The Thin Line Between Charter Schools USA and Florida Law

This week’s hilarious story that Charter Schools USA CEO Jonathan Hage owns a yacht called Fishin’ 4 Schools  overshadows what may be some major wrongdoing on the part of Hage. In a column that appeared in the Tampa Bay Times, Hillsborough League of Women Voters president, Shirley Arcuri revealed this little tidbit:

Another area where the distinction between public and private is blurred for the benefit of for-profits is in the issuing of bonds. Although Florida law prohibits charter schools from issuing bonds, Charter School USA has found a way.

When naming Jon Hage, CEO of Charter USA, as Floridian of the Year, Florida Trend in December 2012 contended that Charter School USA is the largest seller of charter school debt in the country. “It will sell $100 million worth of bonds this year, Hage says. … The bonds come with tax-exempt status because they are technically held by the nonprofit founding boards that oversee the schools.”

Hage is being modest. Over a three-year period, the amount is closer to $200 million.

Nice boat, Jon. And Rick Scott says thanks, Bro, for that $50,000.

You can be sure that Hage has all the tricky law stuff worked out. Like most so called “education reformers” who’ve gotten rich off taxpayer money intended for public schools he can give a pretty good lecture on what “the law” says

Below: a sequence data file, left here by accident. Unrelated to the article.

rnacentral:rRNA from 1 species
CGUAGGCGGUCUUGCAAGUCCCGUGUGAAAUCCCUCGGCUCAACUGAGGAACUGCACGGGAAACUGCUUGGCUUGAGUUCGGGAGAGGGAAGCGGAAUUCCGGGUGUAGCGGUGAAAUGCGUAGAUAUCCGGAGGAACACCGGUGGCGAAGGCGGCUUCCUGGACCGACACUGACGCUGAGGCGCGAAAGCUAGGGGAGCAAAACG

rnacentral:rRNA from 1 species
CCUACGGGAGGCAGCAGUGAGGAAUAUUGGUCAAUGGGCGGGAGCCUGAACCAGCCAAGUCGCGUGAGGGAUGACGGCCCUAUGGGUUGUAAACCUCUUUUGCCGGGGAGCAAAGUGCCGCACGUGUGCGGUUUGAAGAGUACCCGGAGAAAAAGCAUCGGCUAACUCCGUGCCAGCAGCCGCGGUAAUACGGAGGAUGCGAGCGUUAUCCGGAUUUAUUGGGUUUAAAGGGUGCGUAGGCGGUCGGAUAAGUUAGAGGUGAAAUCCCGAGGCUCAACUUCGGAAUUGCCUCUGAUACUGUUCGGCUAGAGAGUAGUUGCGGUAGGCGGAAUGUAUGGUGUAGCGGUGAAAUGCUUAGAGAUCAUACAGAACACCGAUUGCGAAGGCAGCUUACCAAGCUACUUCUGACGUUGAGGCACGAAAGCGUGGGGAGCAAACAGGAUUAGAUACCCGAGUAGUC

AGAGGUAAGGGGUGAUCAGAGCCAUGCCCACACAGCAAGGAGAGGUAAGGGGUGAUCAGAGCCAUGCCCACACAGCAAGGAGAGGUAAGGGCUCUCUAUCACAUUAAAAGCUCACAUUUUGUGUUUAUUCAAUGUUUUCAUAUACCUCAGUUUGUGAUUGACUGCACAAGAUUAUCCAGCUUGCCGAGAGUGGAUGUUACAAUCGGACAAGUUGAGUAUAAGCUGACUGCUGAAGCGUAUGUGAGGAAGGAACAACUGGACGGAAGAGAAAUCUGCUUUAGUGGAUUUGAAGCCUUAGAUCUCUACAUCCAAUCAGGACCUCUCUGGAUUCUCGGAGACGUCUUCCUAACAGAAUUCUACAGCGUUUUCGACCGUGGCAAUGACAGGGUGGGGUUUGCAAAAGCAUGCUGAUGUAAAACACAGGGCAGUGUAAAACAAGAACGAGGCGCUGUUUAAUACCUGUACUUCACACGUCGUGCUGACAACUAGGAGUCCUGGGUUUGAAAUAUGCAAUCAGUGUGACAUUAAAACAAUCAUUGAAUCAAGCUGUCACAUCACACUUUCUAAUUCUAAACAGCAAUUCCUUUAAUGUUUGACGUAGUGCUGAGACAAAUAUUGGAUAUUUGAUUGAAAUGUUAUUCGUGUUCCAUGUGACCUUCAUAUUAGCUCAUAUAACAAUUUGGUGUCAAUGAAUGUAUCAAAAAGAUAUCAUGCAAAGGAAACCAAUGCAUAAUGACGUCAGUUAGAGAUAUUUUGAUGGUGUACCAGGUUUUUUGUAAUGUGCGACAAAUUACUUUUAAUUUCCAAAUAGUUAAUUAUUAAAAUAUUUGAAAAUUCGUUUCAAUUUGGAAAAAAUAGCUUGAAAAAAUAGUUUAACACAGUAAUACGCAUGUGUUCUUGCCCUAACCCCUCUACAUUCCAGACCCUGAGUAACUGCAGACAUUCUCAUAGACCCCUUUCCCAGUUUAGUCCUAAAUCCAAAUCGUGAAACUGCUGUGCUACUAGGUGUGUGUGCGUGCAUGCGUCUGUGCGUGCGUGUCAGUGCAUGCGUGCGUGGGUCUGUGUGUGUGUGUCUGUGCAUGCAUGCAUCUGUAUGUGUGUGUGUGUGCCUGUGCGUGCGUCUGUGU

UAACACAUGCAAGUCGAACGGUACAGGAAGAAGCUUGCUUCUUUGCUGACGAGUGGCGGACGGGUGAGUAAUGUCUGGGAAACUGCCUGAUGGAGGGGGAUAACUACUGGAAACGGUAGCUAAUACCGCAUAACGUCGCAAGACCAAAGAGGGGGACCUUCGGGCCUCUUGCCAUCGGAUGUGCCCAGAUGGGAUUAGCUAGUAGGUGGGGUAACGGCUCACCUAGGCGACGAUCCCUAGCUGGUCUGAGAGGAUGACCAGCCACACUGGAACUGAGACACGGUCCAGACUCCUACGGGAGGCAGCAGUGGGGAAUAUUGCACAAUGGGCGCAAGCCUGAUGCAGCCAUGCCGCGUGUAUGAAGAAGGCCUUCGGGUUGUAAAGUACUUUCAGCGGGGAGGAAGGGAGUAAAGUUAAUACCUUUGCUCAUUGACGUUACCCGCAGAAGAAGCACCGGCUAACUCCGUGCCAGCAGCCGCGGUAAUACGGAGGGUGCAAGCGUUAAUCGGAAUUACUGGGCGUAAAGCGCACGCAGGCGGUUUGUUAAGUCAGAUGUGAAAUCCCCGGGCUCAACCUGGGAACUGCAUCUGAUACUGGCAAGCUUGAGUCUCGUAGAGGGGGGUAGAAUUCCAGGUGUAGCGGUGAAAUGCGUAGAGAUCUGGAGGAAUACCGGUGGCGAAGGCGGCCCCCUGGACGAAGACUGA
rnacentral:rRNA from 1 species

The combination of Hage’s non-profit facilities, his Red Apple Development corporation and his management company continue to keep him pretty cashed up and can afford cool yachts with a thumb-your-nose at everybody name. And it allows him to give lots of money to governors, now disgraced education commissioners and legislators who write legislation which support his lifestyle.





About Bob Sikes

A long time ago and a planet far, far away I was an athletic trainer for the New York Mets. I was blessed to be part of the now legendary 1986 World Series Championship. My late father told me that I'd one day be thankful I had that degree in teaching from Florida State University. He was right and I became twice blesses to become a teacher in the late 1990's. After dabbling with writing about the Mets and then politics, I settled on education.
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2 Responses to The Thin Line Between Charter Schools USA and Florida Law

  1. Gronda Morin says:

    I would like Florida to consider having the success charter schools present in New York being part of the public school system as in New York City. I am one of those who is strongly opposed to the NY Mayor attempts to weaken this program. These charter schools accept students from impoverished areas. There is so much demand that acceptance is done via a lottery. Their success record is so outstanding as reflected in any testing results surpassing even exclusive type schools. In New York, the mayor has received a huge backlash from both the left and the right. I am a firm believer in competition in the marketplace of ideas. If I was running New York, I would be expanding the success charter school system. If the normal school system cannot compete, then I would place any child’s welfare above any entrenched system.

  2. Pingback: The Thin Line Between Charter Schools and Florida Law | LWVeducation

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